Making a Marketplace Work for Website Designers

It’s tough out there for web designers. Not for lack of demand, but for too much demand. There are people everywhere who are marketing themselves as design experts but do not have the faintest clue how HTML operates.

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Then they either charge their clients pennies for their poorly created design work or overcharge them which hurts real designers in the long run interior decoration. This method hurts the industry and graphic and web designers found themselves painted with a broad brush and the result was not good.

Then a few enterprising people who became fed up with how a glut of subpar designers were ruining the industry decided to set out to create a collective where talented designers could find clients and perform good work.

Marketplaces require designers to have an in-depth knowledge of the design process and as a result, clients became much more satisfied with their designers’ projects. Now, design collectives are springing up all over the place and many designers are interested in joining one, but don’t have the faintest idea on how to make it work for them.

It may seem like designers at a marketplace are at the whims of the client, but that is not true. Designers can be proactive and garner clients that they never thought possible. Many large corporations have turned to design marketplaces to fulfill their needs and designers get to experience working on a large project early in their careers.

One of the most important tools a designer must understand is how the business world works. At the end of the day, design work is performed to impact a company’s profitability and bottom line. Showing a client an idea which is a creative work of art, but doesn’t help the company is detrimental to the business relationship.

Also a portfolio that does not exhibit a variety of works, particularly corporate works can cause the designer to be rejected in favor of someone with less experience but a greater knowledge of how to bring the business (and results) into design.

Business skills go very far when one quickly realizes that all clients are on a tight deadline. Not being able to manage clients’ projects and finish them in a timely manner can cause the client to not work with the designer any more. More than a cursory knowledge of project management is key to retaining clients and garnering repeat work.

However, regardless of how well the first two factors are in position, nothing can overcome them if a designer does not listen to his or her clients. The industry is client-driven and one will lose a client if he or she believes that the designer is not listening and ignoring the person’s design needs.

For every designer that doesn’t listen, there is one that does and clients will quickly scrap a project in order to hire a designer that listens to their needs and wants. However, this does not mean that one gives the clients everything he or she desires in design.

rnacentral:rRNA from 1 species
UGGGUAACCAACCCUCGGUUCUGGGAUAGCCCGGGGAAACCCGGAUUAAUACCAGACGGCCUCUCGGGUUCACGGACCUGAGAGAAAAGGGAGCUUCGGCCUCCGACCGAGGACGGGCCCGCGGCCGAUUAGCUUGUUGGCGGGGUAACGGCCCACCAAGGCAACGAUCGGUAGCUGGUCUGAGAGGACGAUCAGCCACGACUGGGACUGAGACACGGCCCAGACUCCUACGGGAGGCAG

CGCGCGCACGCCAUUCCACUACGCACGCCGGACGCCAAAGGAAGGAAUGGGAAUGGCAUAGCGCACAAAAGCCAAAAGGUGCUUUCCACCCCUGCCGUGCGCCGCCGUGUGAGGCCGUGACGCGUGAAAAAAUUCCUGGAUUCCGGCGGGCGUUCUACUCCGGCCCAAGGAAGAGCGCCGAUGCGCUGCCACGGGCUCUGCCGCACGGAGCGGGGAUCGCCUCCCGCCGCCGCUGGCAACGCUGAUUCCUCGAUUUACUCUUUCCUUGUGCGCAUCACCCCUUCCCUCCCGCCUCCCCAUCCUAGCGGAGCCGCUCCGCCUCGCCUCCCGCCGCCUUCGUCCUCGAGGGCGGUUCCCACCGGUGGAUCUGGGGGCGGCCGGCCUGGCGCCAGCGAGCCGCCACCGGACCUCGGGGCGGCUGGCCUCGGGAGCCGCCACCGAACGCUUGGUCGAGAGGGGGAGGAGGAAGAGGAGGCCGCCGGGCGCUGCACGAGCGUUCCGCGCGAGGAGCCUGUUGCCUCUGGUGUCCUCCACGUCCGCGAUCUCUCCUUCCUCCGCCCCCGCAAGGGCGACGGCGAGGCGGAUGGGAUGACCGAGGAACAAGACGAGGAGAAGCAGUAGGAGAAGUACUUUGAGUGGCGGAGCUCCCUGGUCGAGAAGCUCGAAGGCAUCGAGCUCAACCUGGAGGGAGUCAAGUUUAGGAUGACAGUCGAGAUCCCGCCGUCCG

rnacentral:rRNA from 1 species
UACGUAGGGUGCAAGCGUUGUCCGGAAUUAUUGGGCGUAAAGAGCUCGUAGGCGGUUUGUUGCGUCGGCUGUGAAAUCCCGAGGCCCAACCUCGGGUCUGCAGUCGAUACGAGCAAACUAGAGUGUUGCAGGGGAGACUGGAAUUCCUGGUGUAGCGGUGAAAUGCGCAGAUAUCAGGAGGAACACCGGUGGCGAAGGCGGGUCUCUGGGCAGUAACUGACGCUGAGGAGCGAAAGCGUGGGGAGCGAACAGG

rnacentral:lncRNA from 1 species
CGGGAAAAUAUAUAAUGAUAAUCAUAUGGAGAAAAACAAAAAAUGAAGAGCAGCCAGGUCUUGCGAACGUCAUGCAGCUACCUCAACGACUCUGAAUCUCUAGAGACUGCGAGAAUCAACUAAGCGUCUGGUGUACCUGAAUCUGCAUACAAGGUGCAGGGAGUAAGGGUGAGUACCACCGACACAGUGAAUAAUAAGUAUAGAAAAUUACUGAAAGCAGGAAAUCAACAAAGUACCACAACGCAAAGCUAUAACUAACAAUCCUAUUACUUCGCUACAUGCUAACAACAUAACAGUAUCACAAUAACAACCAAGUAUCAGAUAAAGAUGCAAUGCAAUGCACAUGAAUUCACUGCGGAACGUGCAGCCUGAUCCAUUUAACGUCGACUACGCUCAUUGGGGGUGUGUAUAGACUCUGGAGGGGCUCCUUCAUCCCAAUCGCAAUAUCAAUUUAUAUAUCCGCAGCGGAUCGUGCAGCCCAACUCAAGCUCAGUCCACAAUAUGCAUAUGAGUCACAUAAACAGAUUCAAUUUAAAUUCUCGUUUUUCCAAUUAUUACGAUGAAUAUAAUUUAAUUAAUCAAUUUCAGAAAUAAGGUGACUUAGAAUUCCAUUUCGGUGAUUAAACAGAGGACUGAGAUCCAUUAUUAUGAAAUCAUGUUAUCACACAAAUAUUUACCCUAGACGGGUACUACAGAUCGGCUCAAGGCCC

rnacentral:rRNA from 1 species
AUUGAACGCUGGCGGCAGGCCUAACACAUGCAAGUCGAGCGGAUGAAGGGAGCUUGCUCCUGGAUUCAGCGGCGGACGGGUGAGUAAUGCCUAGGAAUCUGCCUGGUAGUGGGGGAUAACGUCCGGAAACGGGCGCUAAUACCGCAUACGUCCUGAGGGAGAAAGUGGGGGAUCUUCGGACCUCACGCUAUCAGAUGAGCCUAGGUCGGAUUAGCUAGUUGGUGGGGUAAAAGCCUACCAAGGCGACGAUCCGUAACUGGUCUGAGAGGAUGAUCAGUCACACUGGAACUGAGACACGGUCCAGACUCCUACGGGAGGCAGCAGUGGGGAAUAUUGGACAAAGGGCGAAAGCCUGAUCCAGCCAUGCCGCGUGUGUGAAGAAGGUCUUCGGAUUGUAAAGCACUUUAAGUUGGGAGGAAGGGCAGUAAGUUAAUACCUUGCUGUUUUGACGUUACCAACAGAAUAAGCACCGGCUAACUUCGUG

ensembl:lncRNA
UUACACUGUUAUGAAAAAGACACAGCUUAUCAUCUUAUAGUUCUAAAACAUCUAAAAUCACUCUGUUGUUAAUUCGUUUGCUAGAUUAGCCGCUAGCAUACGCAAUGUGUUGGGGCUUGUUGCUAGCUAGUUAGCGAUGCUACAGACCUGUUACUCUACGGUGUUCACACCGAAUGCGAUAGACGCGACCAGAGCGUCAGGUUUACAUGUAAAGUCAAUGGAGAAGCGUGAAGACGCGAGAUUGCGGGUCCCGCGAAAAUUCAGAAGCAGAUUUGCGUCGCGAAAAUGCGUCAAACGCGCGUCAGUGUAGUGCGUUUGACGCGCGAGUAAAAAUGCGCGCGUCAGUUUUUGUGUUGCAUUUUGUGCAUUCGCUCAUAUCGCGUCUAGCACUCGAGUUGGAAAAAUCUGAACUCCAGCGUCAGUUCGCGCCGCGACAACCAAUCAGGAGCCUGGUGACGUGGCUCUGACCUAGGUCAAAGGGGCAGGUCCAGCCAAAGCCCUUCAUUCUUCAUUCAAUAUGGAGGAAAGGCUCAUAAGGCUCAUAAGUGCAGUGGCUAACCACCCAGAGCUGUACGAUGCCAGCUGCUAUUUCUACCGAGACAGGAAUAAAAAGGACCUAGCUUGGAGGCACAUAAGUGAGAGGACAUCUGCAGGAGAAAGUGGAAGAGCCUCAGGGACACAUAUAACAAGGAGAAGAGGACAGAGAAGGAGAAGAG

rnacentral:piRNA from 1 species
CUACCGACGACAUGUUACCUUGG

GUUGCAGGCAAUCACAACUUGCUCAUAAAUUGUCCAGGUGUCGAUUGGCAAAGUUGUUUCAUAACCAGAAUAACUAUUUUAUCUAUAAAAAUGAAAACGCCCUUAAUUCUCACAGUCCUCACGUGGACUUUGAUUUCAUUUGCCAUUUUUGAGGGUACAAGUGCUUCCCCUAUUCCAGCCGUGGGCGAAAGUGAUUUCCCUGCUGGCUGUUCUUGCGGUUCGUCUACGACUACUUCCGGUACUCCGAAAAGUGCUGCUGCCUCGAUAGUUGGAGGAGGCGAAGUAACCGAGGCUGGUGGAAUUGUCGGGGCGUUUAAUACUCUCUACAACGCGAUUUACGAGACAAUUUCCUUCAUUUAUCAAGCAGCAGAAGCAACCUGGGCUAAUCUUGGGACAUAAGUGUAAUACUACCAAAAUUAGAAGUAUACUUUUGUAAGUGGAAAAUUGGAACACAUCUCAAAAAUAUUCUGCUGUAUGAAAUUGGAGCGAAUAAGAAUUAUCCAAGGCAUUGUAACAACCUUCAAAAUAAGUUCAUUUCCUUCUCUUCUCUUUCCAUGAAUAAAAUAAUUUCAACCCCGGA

Sometimes designers have to tell a client why a certain design feature is not feasible or why it would not work for that particular company. Knowing how to maintain balance among design needs and design wants results in stunning design.

Yet the one reason anyone wants a beautifully designed website is because of more views and reach. In this instance, designers should have a basic understanding of search engine optimization.

SEO is necessary for high visibility websites, but few people realize that the search engine algorithms have updated and businesses with strong brands are getting more preference. A large part of a designer’s work involves branding thus, it is necessary for them to have a concept of how their design work will translate into views.

Responsive web design has become the go-to solution for businesses who want a user friendly interface and higher customer retention. If your company has come this far without taking advantage of all the benefits it has to offer, you may have already begun to see lower visitor numbers and a disappointing conversion rate.

As a responsible business owner, you’ll probably need convincing before paying to upgrade your web presence to one that includes responsive design. However, by opting in you’ll soon see a return on investment that will make it worthwhile. In a nutshell, responsive design is just better than what has gone before and in order to keep up with the competition, you’ll need it too.

Responsive web design is crucial for the majority of businesses because it allows your users to achieve their goals quickly and smoothly. The important elements of your website can be pulled up on a smart phone and appear as a fully functional version of the original, complete with all the utility you’d offer to customers on a laptop or desktop computer. If you fail to provide a mobile-friendly experience like this for your visitors they won’t hang around, they’ll simply click away and complete the action or purchase on a rival site.

Unhappy customers are not good for business and neither is going up against a major search engine. Google have recently confirmed what many insiders have suspected for some time – sites that are not optimised for multiple users will slip down their search rankings. Google bases their rankings on how useful a page is for the query a user has entered, plus the utility of the site – for example, can a user complete the action they would like to?

Your page may be completely relevant to their search, but if visitors cannot access the content easily across a number of devices, your site may receive a less than positive review and be placed lower in the search results. If your company is reduced to a second or third page entry you’ll lose a considerable amount of traffic, as people naturally select links from the first page.